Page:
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Priceless Artwork Gone

Federal agents are on the hunt for Depression-era paintings, some by San Diego artists

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    American artists, including some in San Diego, produced about 200,000 paintings during the Depression-era Works Progress Administration (WPA), but most have vanished. NBC 7's Mari Payton has more on the effort to track them down. (Published Tuesday, March 24, 2015)

    They're priceless and a part of American history, but most have disappeared.

    American artists produced about 200,000 paintings during the Works Progress Administration (WPA), a government program that put millions of unemployed Americans back to work.

    Best known for its large-scale projects, the WPA also helped struggling artists. The artwork produced was meant to be publicly displayed, but the majority of the paintings were lost, stolen or misplaced.

    Local artist Charles Reiffel's paintings can be seen all over San Diego. Some, as part of the WPA, are displayed in city and county offices. He was considered one of the most important landscape painters of his time.

    “He’s a plein-air artist, where the idea is to go out and paint in nature,” Tammie Bennett with the San Diego History Center in Balboa Park explained.

    But some of Reiffel's work vanished, along with thousands of other WPA pieces by other artists.

    "It’s part of the fun of the chase. You know, the unanswered questions,” said Mike Ramos, a special agent with the Inspector General’s office. Part of his job is tracking the missing pieces down.

    “It's the public's art, and we're just returning it back to the public,” he added.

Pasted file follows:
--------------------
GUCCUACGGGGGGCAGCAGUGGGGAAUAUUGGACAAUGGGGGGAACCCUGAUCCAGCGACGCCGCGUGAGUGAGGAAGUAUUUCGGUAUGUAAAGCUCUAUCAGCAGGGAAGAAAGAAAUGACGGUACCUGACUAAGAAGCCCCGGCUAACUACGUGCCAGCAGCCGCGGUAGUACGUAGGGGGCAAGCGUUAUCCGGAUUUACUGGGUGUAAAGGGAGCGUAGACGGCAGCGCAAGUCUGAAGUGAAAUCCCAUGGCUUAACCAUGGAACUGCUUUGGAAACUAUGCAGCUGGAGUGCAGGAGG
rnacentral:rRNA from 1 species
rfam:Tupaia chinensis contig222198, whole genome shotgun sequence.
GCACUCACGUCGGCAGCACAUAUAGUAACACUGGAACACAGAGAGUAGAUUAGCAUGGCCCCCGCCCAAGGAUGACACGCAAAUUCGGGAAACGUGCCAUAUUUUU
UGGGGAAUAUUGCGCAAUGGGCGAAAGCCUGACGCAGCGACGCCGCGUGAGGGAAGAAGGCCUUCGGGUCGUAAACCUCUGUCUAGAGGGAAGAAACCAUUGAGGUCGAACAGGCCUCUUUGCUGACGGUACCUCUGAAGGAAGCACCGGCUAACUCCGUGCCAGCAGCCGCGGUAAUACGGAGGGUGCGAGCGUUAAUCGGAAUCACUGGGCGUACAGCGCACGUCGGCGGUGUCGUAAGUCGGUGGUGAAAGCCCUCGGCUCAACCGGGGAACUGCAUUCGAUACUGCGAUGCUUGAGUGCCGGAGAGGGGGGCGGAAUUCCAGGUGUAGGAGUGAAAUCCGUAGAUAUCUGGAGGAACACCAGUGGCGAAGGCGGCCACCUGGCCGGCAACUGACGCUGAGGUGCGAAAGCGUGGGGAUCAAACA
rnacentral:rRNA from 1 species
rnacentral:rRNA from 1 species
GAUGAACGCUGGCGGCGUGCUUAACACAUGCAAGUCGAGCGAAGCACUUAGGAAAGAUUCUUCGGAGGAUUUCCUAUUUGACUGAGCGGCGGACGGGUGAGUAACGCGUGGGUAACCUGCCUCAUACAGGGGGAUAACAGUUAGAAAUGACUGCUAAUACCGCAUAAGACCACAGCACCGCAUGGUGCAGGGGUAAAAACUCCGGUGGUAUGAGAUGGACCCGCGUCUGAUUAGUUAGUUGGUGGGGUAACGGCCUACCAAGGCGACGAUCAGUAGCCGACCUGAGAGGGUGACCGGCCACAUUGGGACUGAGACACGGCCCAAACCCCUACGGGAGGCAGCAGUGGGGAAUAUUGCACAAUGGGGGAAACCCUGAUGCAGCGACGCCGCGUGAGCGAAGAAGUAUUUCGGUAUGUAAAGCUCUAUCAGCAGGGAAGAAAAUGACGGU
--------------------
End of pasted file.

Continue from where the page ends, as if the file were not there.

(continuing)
Nine Reiffel paintings are now at the San Diego History Center in Balboa Park after federal agents recovered them at an estate sale.

    According to Ramos, reports indicated the estate that sold them belonged to a former teacher's estate. Knowingly selling or buying WPA art is a federal crime.

    “We've had tremendous success. And we're quite pleased on our return on investment, thus far,” said Ramos.

    The nine Reiffel paintings are considered priceless because they cannot be sold or purchased, but Ramos said they are valued at around $350,000.

    Of the 200,000 WPA paintings considered "missing,” Ramos said they have only recovered or documented 27,000.

    The public is aware of WPA artwork for sale or have knowledge of existing pieces in non-federal repositories (libraries, schools, hospitals), Ramos said they can contact him at (415)522-2756. They can also remain anonymous by contacting the GSA's hotline at 800-424-5210 or fraudnet@gsaig.gov.

    An exhibit of plein-air paintings showing the landscape of California from ocean to rural scenes, including works from Charles Reiffel, can be seen from March 22 to May 3, 2015 at the California Center for the Arts, Escondido. For more information, click here.